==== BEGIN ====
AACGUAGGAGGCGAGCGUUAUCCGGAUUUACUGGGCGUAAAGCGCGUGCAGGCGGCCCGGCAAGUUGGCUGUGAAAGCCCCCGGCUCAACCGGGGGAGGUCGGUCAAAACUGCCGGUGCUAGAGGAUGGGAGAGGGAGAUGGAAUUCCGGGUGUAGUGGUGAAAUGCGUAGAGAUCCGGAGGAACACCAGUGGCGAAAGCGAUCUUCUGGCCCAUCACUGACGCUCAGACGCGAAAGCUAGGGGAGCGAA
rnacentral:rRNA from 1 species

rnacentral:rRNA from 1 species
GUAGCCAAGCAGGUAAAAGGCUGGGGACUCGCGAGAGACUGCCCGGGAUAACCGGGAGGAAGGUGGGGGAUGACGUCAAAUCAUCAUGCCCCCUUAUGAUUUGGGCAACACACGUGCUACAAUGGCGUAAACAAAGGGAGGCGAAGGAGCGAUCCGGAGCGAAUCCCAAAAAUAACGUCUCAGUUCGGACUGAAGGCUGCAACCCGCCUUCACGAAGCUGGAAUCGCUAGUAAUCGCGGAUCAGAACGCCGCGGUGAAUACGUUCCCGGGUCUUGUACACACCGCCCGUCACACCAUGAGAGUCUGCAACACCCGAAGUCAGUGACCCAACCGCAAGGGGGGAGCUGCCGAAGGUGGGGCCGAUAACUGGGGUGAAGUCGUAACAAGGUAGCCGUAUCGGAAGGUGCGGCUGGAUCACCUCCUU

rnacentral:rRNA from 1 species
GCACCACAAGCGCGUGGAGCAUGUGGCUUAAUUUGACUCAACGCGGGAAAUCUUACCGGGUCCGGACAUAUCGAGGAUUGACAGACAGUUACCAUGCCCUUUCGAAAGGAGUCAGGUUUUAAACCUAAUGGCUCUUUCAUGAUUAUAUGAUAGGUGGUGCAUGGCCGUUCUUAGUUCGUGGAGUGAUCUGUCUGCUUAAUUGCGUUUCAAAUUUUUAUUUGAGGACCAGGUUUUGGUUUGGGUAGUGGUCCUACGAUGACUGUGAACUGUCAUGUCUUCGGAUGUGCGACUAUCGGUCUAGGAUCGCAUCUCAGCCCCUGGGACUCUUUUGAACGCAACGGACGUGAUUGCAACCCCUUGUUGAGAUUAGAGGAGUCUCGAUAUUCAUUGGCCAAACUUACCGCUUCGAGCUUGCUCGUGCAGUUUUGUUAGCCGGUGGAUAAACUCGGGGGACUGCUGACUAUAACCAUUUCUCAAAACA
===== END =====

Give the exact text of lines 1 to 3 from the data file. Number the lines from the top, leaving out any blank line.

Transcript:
AACGUAGGAGGCGAGCGUUAUCCGGAUUUACUGGGCGUAAAGCGCGUGCAGGCGGCCCGGCAAGUUGGCUGUGAAAGCCCCCGGCUCAACCGGGGGAGGUCGGUCAAAACUGCCGGUGCUAGAGGAUGGGAGAGGGAGAUGGAAUUCCGGGUGUAGUGGUGAAAUGCGUAGAGAUCCGGAGGAACACCAGUGGCGAAAGCGAUCUUCUGGCCCAUCACUGACGCUCAGACGCGAAAGCUAGGGGAGCGAA
rnacentral:rRNA from 1 species

rnacentral:rRNA from 1 species